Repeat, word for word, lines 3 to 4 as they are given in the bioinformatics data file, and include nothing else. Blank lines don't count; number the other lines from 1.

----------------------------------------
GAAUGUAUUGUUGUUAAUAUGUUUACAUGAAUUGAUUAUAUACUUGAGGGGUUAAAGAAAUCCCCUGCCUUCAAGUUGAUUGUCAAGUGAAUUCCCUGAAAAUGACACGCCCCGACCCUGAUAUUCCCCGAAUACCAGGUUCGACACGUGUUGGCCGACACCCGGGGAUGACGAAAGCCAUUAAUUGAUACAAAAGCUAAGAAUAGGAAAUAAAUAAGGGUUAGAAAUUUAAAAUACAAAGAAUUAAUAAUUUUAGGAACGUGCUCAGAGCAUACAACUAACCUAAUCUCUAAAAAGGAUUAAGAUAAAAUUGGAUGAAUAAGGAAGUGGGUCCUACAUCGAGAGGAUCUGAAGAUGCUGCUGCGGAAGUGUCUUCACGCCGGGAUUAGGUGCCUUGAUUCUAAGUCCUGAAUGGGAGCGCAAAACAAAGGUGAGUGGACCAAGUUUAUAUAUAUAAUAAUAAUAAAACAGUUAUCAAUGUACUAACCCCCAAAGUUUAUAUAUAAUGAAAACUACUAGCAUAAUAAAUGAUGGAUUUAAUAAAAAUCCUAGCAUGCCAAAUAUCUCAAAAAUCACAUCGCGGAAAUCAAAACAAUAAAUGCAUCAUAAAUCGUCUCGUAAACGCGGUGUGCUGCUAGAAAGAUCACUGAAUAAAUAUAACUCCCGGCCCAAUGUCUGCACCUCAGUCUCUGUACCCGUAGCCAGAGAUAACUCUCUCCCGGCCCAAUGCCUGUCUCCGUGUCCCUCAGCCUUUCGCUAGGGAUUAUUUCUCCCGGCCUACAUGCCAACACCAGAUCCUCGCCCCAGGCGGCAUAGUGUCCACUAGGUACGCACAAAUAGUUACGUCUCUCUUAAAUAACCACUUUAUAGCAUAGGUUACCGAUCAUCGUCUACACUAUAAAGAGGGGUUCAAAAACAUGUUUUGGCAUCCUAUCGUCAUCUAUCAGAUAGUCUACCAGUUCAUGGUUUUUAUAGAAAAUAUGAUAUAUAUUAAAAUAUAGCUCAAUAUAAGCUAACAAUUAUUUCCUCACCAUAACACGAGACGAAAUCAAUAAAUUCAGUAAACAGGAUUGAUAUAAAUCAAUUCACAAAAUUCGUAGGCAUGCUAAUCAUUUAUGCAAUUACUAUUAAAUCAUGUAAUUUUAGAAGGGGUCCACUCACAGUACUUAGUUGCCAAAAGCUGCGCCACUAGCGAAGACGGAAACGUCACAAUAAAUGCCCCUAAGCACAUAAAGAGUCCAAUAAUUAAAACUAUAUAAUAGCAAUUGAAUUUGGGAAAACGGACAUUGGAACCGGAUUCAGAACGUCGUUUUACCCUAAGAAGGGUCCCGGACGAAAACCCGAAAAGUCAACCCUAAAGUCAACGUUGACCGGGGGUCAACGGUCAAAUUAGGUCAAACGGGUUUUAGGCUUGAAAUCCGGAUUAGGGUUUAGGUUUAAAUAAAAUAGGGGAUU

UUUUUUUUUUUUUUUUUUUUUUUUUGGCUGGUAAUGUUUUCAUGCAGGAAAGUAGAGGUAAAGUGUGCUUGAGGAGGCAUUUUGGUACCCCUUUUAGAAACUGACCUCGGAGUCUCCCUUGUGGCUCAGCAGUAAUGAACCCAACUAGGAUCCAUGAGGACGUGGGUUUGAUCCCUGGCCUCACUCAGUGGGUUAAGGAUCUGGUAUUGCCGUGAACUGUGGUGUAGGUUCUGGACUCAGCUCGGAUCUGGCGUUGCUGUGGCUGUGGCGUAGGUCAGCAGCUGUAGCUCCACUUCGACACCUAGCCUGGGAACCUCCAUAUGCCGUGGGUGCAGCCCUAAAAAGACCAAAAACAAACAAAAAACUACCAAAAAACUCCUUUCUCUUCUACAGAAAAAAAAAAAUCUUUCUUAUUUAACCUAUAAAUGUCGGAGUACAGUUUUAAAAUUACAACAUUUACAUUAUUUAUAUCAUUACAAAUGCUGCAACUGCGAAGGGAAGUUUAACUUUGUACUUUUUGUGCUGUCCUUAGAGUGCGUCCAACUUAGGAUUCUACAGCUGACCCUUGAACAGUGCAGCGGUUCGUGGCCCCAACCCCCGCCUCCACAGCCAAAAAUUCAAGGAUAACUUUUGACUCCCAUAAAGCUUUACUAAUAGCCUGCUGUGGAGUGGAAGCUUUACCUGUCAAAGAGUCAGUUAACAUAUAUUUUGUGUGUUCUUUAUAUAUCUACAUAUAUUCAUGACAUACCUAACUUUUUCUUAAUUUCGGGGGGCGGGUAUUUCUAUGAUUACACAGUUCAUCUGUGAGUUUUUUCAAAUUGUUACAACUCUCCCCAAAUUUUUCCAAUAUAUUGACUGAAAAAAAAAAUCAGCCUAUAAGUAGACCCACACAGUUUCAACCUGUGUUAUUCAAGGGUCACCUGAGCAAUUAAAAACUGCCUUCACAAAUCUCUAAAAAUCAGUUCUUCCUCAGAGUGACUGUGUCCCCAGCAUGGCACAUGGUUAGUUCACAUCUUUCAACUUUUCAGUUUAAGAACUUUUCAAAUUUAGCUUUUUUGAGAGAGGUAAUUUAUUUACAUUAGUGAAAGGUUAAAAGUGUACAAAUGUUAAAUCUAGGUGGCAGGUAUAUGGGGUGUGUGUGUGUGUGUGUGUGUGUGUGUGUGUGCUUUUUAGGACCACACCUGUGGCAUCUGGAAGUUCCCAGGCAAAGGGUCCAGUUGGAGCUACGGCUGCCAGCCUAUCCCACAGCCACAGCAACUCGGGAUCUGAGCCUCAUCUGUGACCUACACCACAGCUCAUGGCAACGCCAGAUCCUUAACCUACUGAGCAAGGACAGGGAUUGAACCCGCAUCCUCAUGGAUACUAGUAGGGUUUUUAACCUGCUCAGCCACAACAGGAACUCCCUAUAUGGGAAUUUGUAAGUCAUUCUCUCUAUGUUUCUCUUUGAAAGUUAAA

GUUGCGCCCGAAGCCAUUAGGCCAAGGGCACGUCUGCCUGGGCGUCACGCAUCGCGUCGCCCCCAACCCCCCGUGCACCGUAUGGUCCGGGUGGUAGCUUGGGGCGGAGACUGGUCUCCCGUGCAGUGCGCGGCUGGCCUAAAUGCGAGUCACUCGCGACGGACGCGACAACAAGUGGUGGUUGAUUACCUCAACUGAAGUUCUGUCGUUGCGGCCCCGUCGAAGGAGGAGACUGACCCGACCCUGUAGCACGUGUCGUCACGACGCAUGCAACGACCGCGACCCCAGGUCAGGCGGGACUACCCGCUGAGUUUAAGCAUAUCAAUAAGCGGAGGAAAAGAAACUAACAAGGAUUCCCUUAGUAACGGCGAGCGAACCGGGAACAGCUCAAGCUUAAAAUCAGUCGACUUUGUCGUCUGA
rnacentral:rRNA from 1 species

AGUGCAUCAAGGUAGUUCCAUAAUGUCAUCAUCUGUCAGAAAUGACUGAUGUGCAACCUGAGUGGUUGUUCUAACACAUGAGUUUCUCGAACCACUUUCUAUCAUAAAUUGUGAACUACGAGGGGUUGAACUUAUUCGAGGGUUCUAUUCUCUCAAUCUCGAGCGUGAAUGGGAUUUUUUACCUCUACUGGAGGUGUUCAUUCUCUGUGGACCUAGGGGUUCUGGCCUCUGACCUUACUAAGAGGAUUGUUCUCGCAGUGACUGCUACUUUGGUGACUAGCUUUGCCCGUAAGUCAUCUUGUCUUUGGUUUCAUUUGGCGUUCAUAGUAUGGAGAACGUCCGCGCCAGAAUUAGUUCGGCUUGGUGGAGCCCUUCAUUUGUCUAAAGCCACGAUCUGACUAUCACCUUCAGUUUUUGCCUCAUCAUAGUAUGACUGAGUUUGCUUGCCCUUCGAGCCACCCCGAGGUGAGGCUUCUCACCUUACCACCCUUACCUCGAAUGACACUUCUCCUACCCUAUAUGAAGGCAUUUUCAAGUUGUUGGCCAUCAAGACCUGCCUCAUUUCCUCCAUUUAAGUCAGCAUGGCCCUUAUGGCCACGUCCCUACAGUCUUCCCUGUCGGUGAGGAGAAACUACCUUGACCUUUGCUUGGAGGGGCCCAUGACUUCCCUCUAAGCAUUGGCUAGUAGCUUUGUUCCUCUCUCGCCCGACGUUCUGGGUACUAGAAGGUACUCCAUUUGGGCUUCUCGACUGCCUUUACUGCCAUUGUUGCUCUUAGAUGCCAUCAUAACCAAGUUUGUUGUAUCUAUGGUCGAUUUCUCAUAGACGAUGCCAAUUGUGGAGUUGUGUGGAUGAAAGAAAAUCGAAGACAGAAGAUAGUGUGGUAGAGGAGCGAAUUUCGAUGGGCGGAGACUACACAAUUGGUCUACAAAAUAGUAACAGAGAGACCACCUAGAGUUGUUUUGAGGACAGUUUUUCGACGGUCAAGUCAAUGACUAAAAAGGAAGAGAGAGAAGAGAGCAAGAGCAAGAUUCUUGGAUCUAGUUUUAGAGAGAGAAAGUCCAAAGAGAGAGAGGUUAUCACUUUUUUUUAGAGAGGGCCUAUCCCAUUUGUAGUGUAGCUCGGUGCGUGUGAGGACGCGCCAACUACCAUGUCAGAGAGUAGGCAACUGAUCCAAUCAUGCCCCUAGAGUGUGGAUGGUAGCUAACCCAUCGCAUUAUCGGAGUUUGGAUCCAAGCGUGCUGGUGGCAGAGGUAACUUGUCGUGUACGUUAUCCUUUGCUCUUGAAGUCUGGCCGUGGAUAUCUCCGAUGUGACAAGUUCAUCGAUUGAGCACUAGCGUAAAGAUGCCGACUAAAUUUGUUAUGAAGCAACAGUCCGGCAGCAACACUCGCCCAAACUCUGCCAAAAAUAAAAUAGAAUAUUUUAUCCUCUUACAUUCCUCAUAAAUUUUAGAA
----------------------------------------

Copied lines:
GUUGCGCCCGAAGCCAUUAGGCCAAGGGCACGUCUGCCUGGGCGUCACGCAUCGCGUCGCCCCCAACCCCCCGUGCACCGUAUGGUCCGGGUGGUAGCUUGGGGCGGAGACUGGUCUCCCGUGCAGUGCGCGGCUGGCCUAAAUGCGAGUCACUCGCGACGGACGCGACAACAAGUGGUGGUUGAUUACCUCAACUGAAGUUCUGUCGUUGCGGCCCCGUCGAAGGAGGAGACUGACCCGACCCUGUAGCACGUGUCGUCACGACGCAUGCAACGACCGCGACCCCAGGUCAGGCGGGACUACCCGCUGAGUUUAAGCAUAUCAAUAAGCGGAGGAAAAGAAACUAACAAGGAUUCCCUUAGUAACGGCGAGCGAACCGGGAACAGCUCAAGCUUAAAAUCAGUCGACUUUGUCGUCUGA
rnacentral:rRNA from 1 species